A great example he provided to drive home this wisdom was when Van Halen was playing at a university in the mid-west (his autobiography purports it as a gymnasium in Pueblo, Colorado, while an online interview with Roth purports it to be in New Mexico) Roth noted “the university took the contract rather casually”, adding further “they had one of these new rubberized bouncy basketball floorings in their arena. They hadn’t read the contract, and weren’t sure, really, about the weight of this production; this thing weighed like the business end of a 747.” He added that they found some brown M&M’s in the candy jar and Roth “went into full Shakespearean ‘What is this before me?’… and promptly trashed the dressing room, dumped the buffet, kicked a hole in the door…” causing approximately twelve thousand dollars’ worth of damage. He stated that they “didn’t bother to look at the weight requirements or anything (in the contract) and this sank through their new flooring and did eighty thousand dollars’ worth of damage to the arena floor. The whole thing had to be replaced.” Clearly, this could have been avoided if it were not to the ineffective or non-review of the physical requirements needed to hold such a concert.

 

On top of the structural damage – that had to be replaced – the press blamed Van Halen for the incident. “…It came out in the press that I discovered brown M&M’s and did eighty-five thousand dollars’ worth of damage to the backstage area”.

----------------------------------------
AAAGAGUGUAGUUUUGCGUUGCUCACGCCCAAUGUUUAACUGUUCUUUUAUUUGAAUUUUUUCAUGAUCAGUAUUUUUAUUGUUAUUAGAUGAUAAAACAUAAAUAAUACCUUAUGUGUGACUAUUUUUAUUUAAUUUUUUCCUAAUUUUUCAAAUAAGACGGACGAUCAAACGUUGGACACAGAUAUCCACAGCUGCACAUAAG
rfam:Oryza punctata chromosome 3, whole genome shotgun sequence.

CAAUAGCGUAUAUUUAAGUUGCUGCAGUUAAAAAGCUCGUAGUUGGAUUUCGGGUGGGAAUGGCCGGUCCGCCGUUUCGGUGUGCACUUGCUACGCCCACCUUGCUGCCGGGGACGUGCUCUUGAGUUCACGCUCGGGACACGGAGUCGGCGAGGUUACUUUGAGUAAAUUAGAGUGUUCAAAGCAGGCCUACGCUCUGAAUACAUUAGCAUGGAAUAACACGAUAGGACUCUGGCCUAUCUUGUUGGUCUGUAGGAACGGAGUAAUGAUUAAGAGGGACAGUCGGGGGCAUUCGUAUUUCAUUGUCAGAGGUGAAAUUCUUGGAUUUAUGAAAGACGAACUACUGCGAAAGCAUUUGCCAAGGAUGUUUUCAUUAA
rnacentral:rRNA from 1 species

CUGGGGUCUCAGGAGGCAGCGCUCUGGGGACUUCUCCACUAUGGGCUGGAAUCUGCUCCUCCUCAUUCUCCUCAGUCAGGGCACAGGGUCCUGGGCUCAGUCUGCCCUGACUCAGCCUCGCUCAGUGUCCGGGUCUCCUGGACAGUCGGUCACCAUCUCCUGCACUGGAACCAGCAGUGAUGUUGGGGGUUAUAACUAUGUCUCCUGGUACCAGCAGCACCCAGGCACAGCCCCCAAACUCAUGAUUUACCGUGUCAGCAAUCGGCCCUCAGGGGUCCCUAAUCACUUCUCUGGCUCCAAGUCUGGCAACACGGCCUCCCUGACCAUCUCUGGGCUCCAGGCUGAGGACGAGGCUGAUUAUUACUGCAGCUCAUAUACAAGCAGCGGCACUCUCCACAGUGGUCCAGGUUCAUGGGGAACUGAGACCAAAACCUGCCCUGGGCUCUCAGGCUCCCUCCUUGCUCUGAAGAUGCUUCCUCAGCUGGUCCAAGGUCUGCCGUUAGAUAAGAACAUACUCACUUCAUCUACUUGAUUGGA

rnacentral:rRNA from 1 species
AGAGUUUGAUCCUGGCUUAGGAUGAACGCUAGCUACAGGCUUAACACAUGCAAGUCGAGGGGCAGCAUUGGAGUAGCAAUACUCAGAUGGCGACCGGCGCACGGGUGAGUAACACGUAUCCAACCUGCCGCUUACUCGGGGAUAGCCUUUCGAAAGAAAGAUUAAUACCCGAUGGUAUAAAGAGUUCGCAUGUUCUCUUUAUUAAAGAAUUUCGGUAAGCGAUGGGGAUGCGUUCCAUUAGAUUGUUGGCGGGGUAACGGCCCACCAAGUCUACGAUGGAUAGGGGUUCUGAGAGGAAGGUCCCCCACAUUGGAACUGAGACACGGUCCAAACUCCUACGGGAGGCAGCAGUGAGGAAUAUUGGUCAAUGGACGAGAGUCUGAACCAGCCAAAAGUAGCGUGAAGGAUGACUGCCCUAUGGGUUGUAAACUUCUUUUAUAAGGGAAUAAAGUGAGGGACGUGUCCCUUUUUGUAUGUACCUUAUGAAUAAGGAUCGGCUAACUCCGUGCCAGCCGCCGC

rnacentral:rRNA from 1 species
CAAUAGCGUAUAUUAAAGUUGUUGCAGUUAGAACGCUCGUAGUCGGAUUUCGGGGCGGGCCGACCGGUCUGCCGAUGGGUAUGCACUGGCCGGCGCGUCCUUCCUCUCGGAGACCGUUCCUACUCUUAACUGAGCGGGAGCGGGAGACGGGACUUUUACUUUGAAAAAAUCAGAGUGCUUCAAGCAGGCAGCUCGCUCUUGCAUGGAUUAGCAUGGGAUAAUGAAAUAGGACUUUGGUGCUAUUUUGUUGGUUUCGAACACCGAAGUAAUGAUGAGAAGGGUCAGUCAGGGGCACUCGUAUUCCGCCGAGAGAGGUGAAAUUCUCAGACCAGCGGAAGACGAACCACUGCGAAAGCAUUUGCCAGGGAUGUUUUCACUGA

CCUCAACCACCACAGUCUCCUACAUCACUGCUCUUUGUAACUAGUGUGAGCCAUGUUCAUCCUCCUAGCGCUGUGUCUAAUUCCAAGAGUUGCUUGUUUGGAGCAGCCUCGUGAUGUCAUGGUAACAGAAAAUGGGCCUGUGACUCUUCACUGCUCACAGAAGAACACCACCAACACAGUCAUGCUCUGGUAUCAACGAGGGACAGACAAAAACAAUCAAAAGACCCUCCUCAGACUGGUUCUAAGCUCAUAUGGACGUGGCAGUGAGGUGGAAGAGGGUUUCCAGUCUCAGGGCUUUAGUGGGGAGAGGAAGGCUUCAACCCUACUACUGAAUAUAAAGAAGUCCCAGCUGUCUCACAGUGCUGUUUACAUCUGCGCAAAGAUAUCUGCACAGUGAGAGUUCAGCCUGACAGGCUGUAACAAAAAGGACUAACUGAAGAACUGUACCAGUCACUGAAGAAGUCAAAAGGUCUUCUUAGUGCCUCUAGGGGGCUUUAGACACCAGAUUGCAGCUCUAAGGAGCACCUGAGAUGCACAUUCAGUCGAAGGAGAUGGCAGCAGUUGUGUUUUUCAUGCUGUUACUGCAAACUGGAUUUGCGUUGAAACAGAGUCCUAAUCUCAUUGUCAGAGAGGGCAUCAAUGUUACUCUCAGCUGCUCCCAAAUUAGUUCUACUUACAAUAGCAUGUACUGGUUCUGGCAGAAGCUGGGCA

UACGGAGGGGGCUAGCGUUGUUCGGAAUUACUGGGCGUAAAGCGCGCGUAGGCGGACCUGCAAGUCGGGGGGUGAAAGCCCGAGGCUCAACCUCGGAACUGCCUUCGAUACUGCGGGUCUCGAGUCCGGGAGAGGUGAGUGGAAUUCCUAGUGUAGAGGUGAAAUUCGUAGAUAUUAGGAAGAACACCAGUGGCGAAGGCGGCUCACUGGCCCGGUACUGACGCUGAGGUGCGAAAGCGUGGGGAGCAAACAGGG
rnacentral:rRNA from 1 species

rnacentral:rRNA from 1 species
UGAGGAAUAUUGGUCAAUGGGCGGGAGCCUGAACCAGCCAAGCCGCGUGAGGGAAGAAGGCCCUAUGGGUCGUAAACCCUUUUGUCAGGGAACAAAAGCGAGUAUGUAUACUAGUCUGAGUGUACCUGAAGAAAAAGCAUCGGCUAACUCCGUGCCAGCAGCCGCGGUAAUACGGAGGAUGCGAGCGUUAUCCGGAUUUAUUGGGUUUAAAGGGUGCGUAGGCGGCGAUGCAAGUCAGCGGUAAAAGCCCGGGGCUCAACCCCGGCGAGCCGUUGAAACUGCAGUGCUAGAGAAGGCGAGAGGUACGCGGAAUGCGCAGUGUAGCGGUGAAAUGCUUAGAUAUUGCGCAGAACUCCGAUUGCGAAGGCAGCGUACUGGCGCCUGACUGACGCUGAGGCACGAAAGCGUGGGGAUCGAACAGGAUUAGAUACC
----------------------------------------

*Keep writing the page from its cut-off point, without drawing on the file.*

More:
Can similar events happen to you? You bet. You may not have to deal with moving around massive light and sound fixtures from one town to the next, but how truly confident are you that your vendors really understand what you is required of them? Have you built conditions, service-level bench marks, touch-points, and penalties into the contracts? Are they understood and agreed to by all before it becomes fully executed? Part of employing sound principles of contract review is reviewing all documents with all affected parties (both vendor and business line) and making sure that they not only understand the terms laid out in the contract but that they can fulfil all stated obligations.

 

The final takeaway of this piece is to remind you of the importance of going over the details – you know, those small things which can lead to bigger problems. It’s a good idea to employ the advice from legendary UCLA basketball coach John Wooden who used to say “It’s the little details that are vital. Little things make big things happen.”

 

So, with that, do you prefer plain or peanut?

It’s Not You. It’s...

Jenny Burke

We’ve all experienced the end of a relationship. Sometimes the two parties involved are no longer compatible. Maybe one party realizes that it just isn’t working out. Or they’ve found someone be[...]

We’ve all experienced the end of a relationship. Sometimes the two parties involved are no longer compatible. Maybe one party realizes that it just isn’t working out. Or they’ve found someone better. Or perhaps there’s been an unforgivable breach of contract.

Naturally we’re talking about an organization’s partnership with a third-party provider and the importance of mitigating third-party risk. There’s a distinct lifecycle to every business relationship—new relationships, existing and evergreen relationships, renewals and terminations.